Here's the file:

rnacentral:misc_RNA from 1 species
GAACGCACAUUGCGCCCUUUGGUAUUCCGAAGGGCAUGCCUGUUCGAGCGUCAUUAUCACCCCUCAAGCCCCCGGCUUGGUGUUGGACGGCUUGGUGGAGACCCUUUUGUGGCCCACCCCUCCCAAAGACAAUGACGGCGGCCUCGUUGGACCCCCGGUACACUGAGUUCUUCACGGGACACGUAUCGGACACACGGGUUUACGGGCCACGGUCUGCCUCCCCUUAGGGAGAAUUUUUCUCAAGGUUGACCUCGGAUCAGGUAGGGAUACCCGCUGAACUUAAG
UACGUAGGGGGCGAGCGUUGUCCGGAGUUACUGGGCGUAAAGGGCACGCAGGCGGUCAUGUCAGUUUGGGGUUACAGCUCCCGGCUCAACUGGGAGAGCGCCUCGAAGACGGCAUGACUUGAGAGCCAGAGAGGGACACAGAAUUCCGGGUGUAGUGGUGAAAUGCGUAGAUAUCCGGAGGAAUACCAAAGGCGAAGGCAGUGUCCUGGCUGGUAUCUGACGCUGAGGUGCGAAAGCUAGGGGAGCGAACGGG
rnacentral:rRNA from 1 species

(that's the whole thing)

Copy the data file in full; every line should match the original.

rnacentral:misc_RNA from 1 species
GAACGCACAUUGCGCCCUUUGGUAUUCCGAAGGGCAUGCCUGUUCGAGCGUCAUUAUCACCCCUCAAGCCCCCGGCUUGGUGUUGGACGGCUUGGUGGAGACCCUUUUGUGGCCCACCCCUCCCAAAGACAAUGACGGCGGCCUCGUUGGACCCCCGGUACACUGAGUUCUUCACGGGACACGUAUCGGACACACGGGUUUACGGGCCACGGUCUGCCUCCCCUUAGGGAGAAUUUUUCUCAAGGUUGACCUCGGAUCAGGUAGGGAUACCCGCUGAACUUAAG
UACGUAGGGGGCGAGCGUUGUCCGGAGUUACUGGGCGUAAAGGGCACGCAGGCGGUCAUGUCAGUUUGGGGUUACAGCUCCCGGCUCAACUGGGAGAGCGCCUCGAAGACGGCAUGACUUGAGAGCCAGAGAGGGACACAGAAUUCCGGGUGUAGUGGUGAAAUGCGUAGAUAUCCGGAGGAAUACCAAAGGCGAAGGCAGUGUCCUGGCUGGUAUCUGACGCUGAGGUGCGAAAGCUAGGGGAGCGAACGGG
rnacentral:rRNA from 1 species